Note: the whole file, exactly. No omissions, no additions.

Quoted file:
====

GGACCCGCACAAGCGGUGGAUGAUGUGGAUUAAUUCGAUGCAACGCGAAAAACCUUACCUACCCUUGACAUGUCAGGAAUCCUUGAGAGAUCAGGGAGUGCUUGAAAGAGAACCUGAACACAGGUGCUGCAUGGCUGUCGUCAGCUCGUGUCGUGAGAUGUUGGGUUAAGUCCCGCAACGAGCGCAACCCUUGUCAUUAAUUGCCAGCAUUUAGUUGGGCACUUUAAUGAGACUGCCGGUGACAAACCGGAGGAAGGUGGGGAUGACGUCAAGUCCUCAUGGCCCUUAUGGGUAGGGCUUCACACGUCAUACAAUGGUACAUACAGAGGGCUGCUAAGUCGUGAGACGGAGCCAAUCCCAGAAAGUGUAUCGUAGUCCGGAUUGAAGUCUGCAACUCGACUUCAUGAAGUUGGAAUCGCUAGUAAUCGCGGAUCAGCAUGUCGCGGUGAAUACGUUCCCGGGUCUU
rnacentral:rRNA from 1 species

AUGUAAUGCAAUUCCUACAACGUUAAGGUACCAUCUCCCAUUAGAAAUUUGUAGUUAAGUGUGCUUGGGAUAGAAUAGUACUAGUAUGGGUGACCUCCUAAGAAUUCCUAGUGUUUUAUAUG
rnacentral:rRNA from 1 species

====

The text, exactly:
GGACCCGCACAAGCGGUGGAUGAUGUGGAUUAAUUCGAUGCAACGCGAAAAACCUUACCUACCCUUGACAUGUCAGGAAUCCUUGAGAGAUCAGGGAGUGCUUGAAAGAGAACCUGAACACAGGUGCUGCAUGGCUGUCGUCAGCUCGUGUCGUGAGAUGUUGGGUUAAGUCCCGCAACGAGCGCAACCCUUGUCAUUAAUUGCCAGCAUUUAGUUGGGCACUUUAAUGAGACUGCCGGUGACAAACCGGAGGAAGGUGGGGAUGACGUCAAGUCCUCAUGGCCCUUAUGGGUAGGGCUUCACACGUCAUACAAUGGUACAUACAGAGGGCUGCUAAGUCGUGAGACGGAGCCAAUCCCAGAAAGUGUAUCGUAGUCCGGAUUGAAGUCUGCAACUCGACUUCAUGAAGUUGGAAUCGCUAGUAAUCGCGGAUCAGCAUGUCGCGGUGAAUACGUUCCCGGGUCUU
rnacentral:rRNA from 1 species

AUGUAAUGCAAUUCCUACAACGUUAAGGUACCAUCUCCCAUUAGAAAUUUGUAGUUAAGUGUGCUUGGGAUAGAAUAGUACUAGUAUGGGUGACCUCCUAAGAAUUCCUAGUGUUUUAUAUG
rnacentral:rRNA from 1 species